If my African American neighbor is shot by the police because he is in his own backyard and black at the same time (something which actually happened in California), and you do not stand up against this inexcusable violence, you are taking the side of the killers.
And please, let's not blame being mushy in taking a stand on being a follower of Jesus. The man threw the money-changers out of the temple with a whip because they were taking advantage of the poor. He himself said he came not to bring peace, but a sword. Honestly, if most churches accidentally hired Jesus as their minister, he'd get fired inside of three months for offending literally everyone in the congregation by calling them hypocrites or "whited sepulchers," or inviting prostitutes to the church potluck, or calling out the rich people for not giving to the poor, or inviting homeless people to take up the first three pews, or something similar. Jesus isn't making you spineless; you are doing that all on your own.
Some things are worth taking a stand for, even if they put you at odds with people you'd honestly rather impress.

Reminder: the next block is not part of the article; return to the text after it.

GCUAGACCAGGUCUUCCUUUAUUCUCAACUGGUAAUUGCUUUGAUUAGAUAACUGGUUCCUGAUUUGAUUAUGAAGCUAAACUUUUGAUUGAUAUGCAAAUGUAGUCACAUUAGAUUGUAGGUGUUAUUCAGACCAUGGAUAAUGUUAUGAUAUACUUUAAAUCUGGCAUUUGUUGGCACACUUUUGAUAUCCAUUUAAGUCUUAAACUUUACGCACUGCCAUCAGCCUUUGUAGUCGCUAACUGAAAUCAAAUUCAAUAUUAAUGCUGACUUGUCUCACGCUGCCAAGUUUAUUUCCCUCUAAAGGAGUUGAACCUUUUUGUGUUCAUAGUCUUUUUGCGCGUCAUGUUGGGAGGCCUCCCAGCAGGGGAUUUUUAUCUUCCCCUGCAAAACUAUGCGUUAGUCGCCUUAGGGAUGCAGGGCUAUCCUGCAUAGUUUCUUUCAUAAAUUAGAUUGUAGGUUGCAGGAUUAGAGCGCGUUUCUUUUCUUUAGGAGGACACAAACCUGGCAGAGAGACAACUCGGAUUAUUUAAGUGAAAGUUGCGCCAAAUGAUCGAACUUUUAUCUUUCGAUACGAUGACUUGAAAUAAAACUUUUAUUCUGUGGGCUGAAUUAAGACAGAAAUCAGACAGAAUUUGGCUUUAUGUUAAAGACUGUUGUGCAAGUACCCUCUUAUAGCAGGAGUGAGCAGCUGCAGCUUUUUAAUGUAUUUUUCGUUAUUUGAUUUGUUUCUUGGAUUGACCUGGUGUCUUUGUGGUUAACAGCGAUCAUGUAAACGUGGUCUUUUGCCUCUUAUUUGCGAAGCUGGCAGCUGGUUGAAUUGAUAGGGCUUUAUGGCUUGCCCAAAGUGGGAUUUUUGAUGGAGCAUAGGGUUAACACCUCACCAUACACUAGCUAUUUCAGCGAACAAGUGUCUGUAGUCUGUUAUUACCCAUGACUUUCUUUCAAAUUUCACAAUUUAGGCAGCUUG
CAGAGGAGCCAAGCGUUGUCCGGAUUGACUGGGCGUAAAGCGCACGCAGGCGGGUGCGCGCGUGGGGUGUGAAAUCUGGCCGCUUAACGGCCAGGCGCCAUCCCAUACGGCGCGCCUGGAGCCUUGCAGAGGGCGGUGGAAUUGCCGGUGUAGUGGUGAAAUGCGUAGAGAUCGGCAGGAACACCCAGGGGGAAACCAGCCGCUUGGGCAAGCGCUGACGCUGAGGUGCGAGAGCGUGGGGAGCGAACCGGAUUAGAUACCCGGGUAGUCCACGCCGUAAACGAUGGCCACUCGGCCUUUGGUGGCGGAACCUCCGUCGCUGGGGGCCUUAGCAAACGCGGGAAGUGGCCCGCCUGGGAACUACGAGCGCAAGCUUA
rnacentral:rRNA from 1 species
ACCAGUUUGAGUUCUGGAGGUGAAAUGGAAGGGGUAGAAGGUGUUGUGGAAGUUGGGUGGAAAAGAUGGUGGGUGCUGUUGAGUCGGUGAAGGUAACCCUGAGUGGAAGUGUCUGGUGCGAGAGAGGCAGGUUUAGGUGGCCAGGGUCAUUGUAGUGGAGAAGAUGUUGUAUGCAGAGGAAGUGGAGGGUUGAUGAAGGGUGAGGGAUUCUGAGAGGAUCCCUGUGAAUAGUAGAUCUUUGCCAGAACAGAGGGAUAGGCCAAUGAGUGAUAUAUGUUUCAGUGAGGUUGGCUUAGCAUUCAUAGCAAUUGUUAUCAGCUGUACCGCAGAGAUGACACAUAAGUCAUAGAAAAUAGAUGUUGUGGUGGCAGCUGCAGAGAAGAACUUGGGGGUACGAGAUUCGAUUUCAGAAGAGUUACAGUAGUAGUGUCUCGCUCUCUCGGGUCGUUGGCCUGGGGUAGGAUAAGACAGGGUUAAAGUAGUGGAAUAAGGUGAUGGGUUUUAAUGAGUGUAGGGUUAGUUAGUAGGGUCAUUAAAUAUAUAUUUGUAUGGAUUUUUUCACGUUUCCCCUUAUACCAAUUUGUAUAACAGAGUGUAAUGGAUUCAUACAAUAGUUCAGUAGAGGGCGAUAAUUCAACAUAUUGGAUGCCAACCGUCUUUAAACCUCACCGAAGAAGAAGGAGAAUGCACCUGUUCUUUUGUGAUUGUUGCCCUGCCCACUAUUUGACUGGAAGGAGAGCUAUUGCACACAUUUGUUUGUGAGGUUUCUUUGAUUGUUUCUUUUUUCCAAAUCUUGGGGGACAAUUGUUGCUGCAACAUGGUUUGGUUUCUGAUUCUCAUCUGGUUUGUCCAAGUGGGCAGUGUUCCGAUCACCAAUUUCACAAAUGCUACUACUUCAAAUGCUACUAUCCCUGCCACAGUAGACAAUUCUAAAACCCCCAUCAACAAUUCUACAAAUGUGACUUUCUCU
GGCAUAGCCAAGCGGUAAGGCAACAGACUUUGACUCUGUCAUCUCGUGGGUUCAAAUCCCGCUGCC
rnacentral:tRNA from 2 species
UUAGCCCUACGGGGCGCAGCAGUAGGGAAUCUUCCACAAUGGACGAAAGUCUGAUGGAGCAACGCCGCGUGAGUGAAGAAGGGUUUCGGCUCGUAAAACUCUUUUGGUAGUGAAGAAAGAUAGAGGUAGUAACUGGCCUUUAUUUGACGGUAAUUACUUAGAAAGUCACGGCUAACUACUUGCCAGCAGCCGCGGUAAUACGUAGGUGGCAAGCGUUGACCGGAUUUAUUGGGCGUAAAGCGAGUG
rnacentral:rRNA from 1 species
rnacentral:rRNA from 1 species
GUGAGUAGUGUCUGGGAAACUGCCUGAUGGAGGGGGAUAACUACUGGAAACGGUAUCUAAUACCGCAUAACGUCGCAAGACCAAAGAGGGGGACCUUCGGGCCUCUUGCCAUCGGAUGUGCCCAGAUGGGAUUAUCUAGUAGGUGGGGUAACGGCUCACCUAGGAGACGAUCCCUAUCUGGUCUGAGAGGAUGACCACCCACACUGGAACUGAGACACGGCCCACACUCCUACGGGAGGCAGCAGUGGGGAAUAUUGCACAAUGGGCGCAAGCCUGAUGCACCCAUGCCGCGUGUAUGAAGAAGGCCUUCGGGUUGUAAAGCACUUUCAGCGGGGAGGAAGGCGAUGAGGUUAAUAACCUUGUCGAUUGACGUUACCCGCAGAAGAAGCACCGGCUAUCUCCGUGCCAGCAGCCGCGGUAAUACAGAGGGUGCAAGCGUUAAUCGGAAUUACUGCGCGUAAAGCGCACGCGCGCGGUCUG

Some of those things are big societal issues, like race-based killings, unjust laws, systemic corruption.
Most of the things that you're called to take a stand about are small, intimate, and may feel insignificant - but they aren't.
When someone treats a person you love badly, do you stand up for your loved one, or do you stay silent, in the name of peace?
When you see someone being harassed because of their religion or presumed gender identity, do you pretend you didn't see it, or do you get involved?
When you encounter someone in poverty in the streets, do you look into their eyes and treat them like a human being, or do you pretend you don't see them?
Are you able to hold space to listen to the legitimate pain, setbacks, and losses of your friends, or do you encourage them to get over things quickly so that you don't have to be uncomfortable?
Do you call out your friends when they do things that are dishonest, or unkind, or not true to their best selves?
Do you tell your coworkers you feel uncomfortable when they use homophobic language, or tell racist jokes?
Or are you trying to be "at peace" with everyone by staying willfully ignorant and deliberately obtuse?
Because if that's the situation, you aren't really at peace with anyone.
Not even yourself.